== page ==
Trauma not always obvious in children who fled hurricane

BY CASSANDRA JARAMILLO
DALLAS MORNING NEWS/TNS

DALLAS – As Hurricane Harvey closed in on them, Jose Lerma got his three young sons together and told them they were going on a road trip. It would be one week long, maybe a little more.

Josiah Anderson, 6, of Beaumont, Texas, sings along to music as T-Mobile employees Karmen Brown, left, and Vanessa Ibarra, right, dance to the music outside the Walnut Hill Recreation Center, a shelter for hurricane Harvey evacuees in Dallas on Aug. 30.
(VERNON BRYANT/DALLAS MORNING NEWS/TNS)

“Just you wait, we are going to go to the zoo!” Lerma told Eduardo, 8, Jesus, 6, and Yovanni, 3, as they prepared to leave.

What he didn’t tell the kids was that he was afraid. That he was worried about their home, which he had built by hand in Angleton, just south of Houston. That they had no savings stashed away for expenses.

“They didn’t understand what was happening. They’re little,” Lerma said in Spanish.

Adventure will end
For children, an evacuation can be little more than an unplanned voyage.

Their parents — with the good intentions of not wanting to scare the kids — often omit details of the perils they face.

Which is why this past week parents were talking about how they’re worried about their homes, their fears of belongings being lost, the pets they left behind and bills that are stacking up — while at the same time, their children played. Or complained about being bored.

Even though, experts say, the adventure will eventually end, and trauma could lie ahead.

Hurricane veterans
Jose and Yesenia Campos are hurricane veterans. They fled Angleton during Rita in 2005 and were trapped in traffic for 24 hours.

That was before they had their four children. This time, they decided to leave their home before the weather got bad. That way, while the sun was still out, their kids wouldn’t get a sense of the danger.

The parents told them that they were going to be away for three days.

“We didn’t want to tell them what was going on because we don’t want to freak them out,” Yesenia Campos said. “Since they didn’t see the bad weather, I don’t think they’re scared.”

Like a vacation
The family traveled caravan-style with their grandparents, aunt and uncle. It made the kids feel like it was a family vacation.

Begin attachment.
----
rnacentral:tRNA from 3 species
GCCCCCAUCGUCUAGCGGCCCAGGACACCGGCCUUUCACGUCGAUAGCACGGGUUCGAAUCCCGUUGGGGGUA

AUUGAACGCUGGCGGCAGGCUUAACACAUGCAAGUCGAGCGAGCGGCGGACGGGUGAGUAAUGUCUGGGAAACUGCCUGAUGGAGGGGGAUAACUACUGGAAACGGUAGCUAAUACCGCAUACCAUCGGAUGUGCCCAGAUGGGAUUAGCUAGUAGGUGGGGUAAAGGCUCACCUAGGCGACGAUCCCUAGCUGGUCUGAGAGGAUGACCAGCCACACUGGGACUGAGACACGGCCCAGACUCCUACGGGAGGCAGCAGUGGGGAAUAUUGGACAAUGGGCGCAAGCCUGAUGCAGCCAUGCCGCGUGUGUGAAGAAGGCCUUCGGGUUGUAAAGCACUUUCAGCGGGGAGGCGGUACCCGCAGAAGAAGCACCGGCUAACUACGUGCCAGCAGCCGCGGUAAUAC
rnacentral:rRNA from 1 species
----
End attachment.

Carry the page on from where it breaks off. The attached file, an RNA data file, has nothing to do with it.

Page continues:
At a shelter, the fun has continued. When the Campos kids don’t have visits from magicians or therapy dogs, they play baseball or race each other around the green fields of the surrounding areas.

Seven-year-old Victor plays with his brothers, Jose, 9, and Sebastian, 6, and his sister Arleth, who is just 1.

“Mommy, we meet new friends here,” Victor tells his mom.

A little rap music
Similarly, Josiah Anderson, 6, didn’t question his mom, Patricia Poullard, on why they traveled hundreds of miles away from their hometown of Beaumont to the Walnut Hill Recreation Center.

Instead, last Wednesday, he had turned a T-Mobile disaster relief van into a stage.

He asked the T-Mobile employees, who had microphones, if he could rap along to some of his favorite artists, like DJ Khaled and Drake.

One employee connected his iPhone to play the music, and the rest began clapping and singing along.

‘A slower trauma’
Such scenes might look as if children are immune to anxiety.

But Dallas family psychologist Ken Wilgus said that in disasters, children experience trauma differently than adults.

Children may look happy if they didn’t see damage firsthand, but it’s important for parents to appropriately explain the reality of the situation. “Camping” or “vacation,” he said, will get old for the kids.

“Up to this point, it might be fun,” Wilgus said. “The issue is that this is not over. It’s a slower trauma that they will experience. Uprooting in a new place can be difficult for children, but for a couple of weeks, it’s a blast.”

Indeed, Jose Campos’ son Eduardo is starting to worry about the family’s two horses back at home. “Do they have enough food?” he asked his father in Spanish.

A sad face
Eduardo has a hard time describing how he feels. When asked to draw something that reflected his emotions, he made a sad face in a notebook.

Asked what he was sad about, Eduardo complained about the food. He and his younger brother, Jesus, have wanted pancakes, but their mother Carmela can’t make them in the shelter.

The kids still don’t know that on Aug. 27, their entire house flooded. There’s at least 2 or 3 feet of water in their home. The parents don’t know how to tell their kids.

“I told them we were going to see all the sights” in Dallas, Lerma said. “Now they’ve been asking me ‘Hey! Why are we just sitting in this place?’ ”

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